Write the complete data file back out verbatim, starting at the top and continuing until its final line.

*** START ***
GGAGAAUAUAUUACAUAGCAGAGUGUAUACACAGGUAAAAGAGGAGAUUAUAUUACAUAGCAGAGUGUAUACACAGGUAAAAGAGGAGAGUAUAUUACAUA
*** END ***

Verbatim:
GGAGAAUAUAUUACAUAGCAGAGUGUAUACACAGGUAAAAGAGGAGAUUAUAUUACAUAGCAGAGUGUAUACACAGGUAAAAGAGGAGAGUAUAUUACAUA